Capitalism and Environmentalism


I was alone in my apartment this evening, mulling over the state of the world, when it dawned on me after quite a bit of contemplation, that basically, the world we live in is faced with one major predicament. That essentially we live in a global society which advocates for the maximization of the extraction of animal, vegetable and mineral resources, and their transformation into the maximum quantity of goods and services possible.

Whereas the environmental movement is telling us just the opposite: That we should reduce, re-use and recycle as much as we possibly can in an effort to conserve our planet’s scarce resources to the best of our abilities so as to live in a sustainable society which will endure for future generations.

These two ideologies seem to be diametrically-opposed to each other. The first is driven by capitalism and free enterprise and the market mechanism. It has led us to a situation whereby existing markets, that is those which are considered to be ‘developed’ in the sense that they are in societies where high levels of consumption of goods and services occur, are now essentially saturated and played out and overdeveloped and over-exploited, often leading to problems of sluggish economic growth, negative growth, fragmentation of the social fabric, including an inverted population pyramid, obesity from over-consumption of food, and an overall over-consumption at all levels of most types of goods and services.

This has led our elites to seek out the opening up of new markets in the emerging world, mostly through a very aggressive foreign policy, which has included the deployment of hundreds of thousands of western troops throughout the world, mostly in the east, to help us gain access to new markets for animal, vegetable and mineral resources which we ostensibly need to guarantee our current standard of living, while by the same token transforming eastern societies in a very rapid and aggressive way, and very painfully I might add, into mostly secular, pluralistic, post-modern liberal-democratic civilizations based on the rule of law which is expressly intended to support a form of free enterprise economic development which includes a system of rights and freedoms which facilitates the free flow of goods, services, money, capital, ideas, knowledge, and information within borders and between borders on an international level.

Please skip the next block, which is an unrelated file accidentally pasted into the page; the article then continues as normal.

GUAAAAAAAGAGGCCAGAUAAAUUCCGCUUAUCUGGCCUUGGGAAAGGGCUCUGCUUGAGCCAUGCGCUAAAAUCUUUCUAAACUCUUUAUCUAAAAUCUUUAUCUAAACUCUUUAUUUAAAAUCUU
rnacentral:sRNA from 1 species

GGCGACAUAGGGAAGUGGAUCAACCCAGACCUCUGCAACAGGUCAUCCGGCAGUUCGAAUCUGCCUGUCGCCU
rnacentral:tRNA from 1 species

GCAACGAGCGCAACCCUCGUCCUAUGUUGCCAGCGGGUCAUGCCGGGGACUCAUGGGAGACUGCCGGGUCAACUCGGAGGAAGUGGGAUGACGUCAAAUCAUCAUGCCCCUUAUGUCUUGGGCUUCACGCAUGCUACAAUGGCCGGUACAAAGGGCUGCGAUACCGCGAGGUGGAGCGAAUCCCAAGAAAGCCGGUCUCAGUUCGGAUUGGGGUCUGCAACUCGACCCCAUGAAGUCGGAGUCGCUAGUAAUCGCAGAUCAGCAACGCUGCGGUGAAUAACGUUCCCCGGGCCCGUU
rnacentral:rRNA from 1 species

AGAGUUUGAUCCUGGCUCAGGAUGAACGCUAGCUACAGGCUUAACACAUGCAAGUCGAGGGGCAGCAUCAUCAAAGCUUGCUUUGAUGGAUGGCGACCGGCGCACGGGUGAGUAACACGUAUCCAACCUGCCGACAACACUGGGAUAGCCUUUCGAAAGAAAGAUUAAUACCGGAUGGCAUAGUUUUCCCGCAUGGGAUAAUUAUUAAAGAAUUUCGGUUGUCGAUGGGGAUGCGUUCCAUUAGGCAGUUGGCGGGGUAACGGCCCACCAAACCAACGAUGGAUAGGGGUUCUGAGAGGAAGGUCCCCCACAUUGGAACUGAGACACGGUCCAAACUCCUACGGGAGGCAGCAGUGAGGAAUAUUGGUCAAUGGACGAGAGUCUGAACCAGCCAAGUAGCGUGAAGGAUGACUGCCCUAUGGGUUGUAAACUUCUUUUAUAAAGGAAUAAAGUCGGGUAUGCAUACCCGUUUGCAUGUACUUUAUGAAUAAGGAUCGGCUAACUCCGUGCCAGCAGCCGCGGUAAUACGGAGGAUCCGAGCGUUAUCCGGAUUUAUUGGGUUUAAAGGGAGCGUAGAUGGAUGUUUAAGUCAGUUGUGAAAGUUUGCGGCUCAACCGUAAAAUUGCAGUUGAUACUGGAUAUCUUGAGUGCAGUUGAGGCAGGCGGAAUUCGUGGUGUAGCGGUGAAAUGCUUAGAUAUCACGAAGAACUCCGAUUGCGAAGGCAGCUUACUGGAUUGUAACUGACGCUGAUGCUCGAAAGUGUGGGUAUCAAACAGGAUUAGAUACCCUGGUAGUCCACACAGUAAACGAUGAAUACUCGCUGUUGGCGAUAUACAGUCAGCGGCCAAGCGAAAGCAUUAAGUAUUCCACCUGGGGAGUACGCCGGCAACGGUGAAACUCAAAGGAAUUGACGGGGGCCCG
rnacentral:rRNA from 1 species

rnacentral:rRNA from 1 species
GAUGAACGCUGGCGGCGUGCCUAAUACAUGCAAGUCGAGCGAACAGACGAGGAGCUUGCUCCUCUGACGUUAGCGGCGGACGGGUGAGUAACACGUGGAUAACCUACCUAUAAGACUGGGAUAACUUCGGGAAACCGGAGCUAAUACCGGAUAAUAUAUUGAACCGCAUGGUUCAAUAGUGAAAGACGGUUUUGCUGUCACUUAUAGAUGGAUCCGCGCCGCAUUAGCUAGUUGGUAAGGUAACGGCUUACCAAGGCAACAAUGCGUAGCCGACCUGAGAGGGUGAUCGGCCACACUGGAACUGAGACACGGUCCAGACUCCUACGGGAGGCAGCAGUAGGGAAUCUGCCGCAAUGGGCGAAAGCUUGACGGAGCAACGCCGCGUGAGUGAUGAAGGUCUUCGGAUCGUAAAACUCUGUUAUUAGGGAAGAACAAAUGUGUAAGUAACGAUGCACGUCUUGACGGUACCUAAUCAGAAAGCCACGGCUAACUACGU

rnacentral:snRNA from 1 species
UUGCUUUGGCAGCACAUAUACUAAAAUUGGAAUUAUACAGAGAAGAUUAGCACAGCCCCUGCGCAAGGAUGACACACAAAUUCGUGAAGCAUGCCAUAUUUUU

This is essentially a post-modern form of core-periphery development akin to the original mercantilist core-periphery forms of imperialism practiced by the European Empires during the Age of Discovery, except that the current form of core-periphery relationship is much more corporately-driven by mostly western-based corporations, backed by western governments and their military-industrial apparatus.

However, where does this leave the whole notion of conservation and environmentalism if, at the very root of things this core-periphery model of development perpetuates a culture of over-consumption and entitlement here at home, while making it very difficult for emerging countries to actually emerge from the chaos of having their territories occupied by foreign troops whose primary objective is to secure access to resources for domestic consumption back home and to keep the western military-industrial machine humming so that troops can remain deployed overseas so that they can continue to secure access to resources for domestic consumption back home so as to keep the military-industrial machine humming, and well…. You get the picture.